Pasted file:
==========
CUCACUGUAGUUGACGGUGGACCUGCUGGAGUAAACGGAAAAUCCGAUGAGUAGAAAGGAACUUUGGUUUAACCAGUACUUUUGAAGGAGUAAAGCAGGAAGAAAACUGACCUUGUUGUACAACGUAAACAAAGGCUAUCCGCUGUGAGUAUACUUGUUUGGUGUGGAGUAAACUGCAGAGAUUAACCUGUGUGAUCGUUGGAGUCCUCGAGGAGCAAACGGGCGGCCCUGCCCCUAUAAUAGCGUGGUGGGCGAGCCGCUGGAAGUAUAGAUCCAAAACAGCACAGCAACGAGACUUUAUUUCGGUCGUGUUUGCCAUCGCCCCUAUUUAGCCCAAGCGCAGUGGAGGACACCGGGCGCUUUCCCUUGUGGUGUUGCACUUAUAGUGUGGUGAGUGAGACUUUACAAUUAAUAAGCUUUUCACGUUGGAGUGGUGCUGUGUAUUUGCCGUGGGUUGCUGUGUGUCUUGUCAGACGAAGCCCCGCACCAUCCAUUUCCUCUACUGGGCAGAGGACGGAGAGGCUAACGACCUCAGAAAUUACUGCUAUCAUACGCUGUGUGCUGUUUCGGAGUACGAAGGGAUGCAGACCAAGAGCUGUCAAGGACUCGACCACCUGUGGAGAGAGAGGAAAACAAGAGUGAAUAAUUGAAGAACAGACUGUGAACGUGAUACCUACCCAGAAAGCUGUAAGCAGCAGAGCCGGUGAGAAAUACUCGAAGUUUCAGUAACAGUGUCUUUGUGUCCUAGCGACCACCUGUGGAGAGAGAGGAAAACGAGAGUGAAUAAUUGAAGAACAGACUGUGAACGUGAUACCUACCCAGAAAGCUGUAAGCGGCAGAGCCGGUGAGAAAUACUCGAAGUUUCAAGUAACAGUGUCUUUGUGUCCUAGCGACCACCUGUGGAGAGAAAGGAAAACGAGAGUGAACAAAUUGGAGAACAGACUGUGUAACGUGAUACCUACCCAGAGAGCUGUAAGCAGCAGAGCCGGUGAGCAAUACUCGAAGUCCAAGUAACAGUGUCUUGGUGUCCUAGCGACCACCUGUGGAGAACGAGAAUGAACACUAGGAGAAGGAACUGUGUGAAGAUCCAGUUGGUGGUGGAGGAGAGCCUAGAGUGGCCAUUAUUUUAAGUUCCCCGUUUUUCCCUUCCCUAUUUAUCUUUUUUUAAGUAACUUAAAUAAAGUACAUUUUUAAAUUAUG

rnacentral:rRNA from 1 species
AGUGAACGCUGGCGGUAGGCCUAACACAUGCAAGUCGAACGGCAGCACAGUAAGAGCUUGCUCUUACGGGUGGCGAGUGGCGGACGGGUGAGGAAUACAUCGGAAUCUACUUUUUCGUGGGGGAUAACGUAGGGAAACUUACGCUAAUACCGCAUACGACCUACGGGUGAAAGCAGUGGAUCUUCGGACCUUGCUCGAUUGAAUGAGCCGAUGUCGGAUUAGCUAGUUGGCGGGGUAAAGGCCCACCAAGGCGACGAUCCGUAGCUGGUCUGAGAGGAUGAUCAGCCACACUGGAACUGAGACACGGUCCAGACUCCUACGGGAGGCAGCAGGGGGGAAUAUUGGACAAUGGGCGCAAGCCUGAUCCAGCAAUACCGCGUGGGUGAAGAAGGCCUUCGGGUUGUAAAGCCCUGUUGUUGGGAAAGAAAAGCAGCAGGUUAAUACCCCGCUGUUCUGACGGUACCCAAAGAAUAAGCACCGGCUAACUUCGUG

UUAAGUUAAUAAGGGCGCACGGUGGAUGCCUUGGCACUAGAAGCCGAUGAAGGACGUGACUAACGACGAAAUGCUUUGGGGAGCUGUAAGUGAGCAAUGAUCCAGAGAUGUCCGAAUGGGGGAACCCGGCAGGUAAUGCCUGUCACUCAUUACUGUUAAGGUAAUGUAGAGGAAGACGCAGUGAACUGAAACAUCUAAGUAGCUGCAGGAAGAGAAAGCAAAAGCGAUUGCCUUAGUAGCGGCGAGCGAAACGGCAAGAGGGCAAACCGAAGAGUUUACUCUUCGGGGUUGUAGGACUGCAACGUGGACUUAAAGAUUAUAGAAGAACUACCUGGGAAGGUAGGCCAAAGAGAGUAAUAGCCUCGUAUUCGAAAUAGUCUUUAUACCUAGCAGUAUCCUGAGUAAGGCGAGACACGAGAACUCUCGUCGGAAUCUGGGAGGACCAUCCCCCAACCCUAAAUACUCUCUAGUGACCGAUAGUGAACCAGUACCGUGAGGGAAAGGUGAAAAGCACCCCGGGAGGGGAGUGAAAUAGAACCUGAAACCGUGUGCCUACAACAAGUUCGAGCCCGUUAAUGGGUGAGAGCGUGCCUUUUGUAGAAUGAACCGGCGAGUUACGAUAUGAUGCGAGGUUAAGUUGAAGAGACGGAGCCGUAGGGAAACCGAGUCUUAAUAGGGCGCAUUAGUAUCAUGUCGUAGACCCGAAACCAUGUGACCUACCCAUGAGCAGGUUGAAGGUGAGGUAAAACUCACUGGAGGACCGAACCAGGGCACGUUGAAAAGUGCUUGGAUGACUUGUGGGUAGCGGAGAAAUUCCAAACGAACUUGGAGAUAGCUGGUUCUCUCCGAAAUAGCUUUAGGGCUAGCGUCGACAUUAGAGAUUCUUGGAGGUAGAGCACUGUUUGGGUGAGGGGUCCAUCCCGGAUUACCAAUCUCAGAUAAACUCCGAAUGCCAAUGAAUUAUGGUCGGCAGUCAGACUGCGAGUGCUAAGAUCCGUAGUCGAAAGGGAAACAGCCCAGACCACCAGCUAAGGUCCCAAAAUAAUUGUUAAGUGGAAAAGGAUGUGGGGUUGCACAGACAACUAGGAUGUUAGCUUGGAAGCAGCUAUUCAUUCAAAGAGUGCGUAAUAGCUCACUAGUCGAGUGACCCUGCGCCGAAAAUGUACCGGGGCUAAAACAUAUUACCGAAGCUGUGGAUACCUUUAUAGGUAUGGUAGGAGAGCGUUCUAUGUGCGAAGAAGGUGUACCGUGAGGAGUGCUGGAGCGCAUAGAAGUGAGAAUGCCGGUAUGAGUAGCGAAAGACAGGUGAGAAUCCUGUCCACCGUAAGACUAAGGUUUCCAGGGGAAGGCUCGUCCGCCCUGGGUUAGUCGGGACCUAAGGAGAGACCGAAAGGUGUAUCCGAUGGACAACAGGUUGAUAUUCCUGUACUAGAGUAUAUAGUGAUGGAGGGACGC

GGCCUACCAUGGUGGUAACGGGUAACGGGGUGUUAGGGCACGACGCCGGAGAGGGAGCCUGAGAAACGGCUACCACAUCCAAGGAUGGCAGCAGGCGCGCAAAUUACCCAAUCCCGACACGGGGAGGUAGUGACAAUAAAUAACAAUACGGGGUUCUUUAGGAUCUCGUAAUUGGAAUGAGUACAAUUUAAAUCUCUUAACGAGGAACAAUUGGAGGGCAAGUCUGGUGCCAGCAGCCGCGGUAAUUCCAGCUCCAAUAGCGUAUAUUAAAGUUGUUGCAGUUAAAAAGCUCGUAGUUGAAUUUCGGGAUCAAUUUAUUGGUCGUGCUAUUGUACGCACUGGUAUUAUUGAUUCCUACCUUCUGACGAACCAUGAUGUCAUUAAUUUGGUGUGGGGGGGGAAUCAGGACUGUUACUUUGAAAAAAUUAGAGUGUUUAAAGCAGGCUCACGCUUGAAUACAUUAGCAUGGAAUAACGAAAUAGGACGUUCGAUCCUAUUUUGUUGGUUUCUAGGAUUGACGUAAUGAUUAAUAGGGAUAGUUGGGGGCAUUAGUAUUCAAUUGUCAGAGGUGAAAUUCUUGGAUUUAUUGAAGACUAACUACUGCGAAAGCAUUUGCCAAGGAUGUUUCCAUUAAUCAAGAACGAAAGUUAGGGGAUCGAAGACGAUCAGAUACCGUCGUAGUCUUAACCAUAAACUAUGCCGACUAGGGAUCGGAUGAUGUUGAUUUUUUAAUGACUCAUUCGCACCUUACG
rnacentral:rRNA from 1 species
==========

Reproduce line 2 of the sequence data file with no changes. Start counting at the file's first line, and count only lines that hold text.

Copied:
rnacentral:rRNA from 1 species